How to rid ourselves of this “terrible doctrine”
So what does Queen propose instead? How are we to dethrone the “terrible doctrine” of substitutionary atonement?
The first step, he suggests, is to recognise that the sacrificial language used in the New Testament is symbol and metaphor. Queen gives the example of Jesus’ statement that the Son of Man came to “give his life as a ransom for many” (Matt. 20:28). He argues that in the Septuagint lytron (“ransom”) has already lost the literal sense of “release by paying off the captor” and has come to mean “deliverance or liberation through an act of God’s power”.
In the context of the conversation with the disciples about what it will take to sit at Jesus’ right hand, the point is that their deliverance will be a “liberation from the need to pursue power, position and prestige by being a faithful servant to all people, regardless of station, class or rank”. Substitutionary atonement does not enter into it.
Then secondly, the positive argument about Jesus’ death is that it sums up the “redemptive meaning of the whole story of Jesus”. It is the culmination of a life of obedience as God’s “agent for mercy and justice in the world”. Jesus bore our sins on the cross in the sense that “as the Son of Man, as the representative human being”, he became the target for the intense opposition of the “powers” or the world to the doing of mercy and justice on behalf of God.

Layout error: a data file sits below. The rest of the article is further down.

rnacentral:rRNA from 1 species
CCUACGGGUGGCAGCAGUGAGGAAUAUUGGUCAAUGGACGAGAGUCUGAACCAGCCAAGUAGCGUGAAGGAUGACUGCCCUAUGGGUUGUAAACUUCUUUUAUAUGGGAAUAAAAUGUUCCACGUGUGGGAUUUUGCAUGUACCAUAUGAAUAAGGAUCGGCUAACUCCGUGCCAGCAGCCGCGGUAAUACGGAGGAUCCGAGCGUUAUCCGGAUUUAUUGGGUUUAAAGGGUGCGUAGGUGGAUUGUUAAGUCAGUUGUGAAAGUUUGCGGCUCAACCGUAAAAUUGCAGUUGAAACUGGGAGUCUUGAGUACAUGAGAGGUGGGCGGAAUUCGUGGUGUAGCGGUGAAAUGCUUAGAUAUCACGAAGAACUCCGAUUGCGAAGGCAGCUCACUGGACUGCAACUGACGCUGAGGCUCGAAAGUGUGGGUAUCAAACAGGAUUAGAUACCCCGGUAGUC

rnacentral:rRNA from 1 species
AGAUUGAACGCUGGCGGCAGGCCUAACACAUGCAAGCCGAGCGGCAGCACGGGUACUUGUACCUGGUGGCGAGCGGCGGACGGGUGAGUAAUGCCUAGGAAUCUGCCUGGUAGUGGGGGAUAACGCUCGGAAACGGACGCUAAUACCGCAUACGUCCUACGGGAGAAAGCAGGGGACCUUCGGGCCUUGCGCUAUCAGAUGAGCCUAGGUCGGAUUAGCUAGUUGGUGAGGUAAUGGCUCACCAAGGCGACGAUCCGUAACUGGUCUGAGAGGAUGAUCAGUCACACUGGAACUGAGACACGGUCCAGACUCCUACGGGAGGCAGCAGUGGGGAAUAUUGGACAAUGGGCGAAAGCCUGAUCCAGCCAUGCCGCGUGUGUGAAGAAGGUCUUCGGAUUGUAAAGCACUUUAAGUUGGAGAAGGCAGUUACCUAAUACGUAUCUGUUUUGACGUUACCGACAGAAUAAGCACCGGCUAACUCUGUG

There is no propitiation of an angry God involved in this way of looking at it. “Jesus’ death was a necessity only in the sense that given his prophetic challenge to injustice, his proclamation of the kingdom of God, and his bold critique of his own religion, his death at the hands of the worldly powers was inevitable.” Unfortunately, this all went out of fashion with the upgrading of Christianity to state religion following Constantine.
Paul’s sacrificial metaphors took preference over Jesus’ life and teachings because Paul’s sacrificial metaphors could more easily be adapted to the interests of the empire. The Abba of Jesus, the loving, caring, merciful Father/Mother was replaced as the dominant image of God with a God of wrath who demanded the violent death of a sinless substitute as a ransom for sinners.
Stuck in the theological paradigm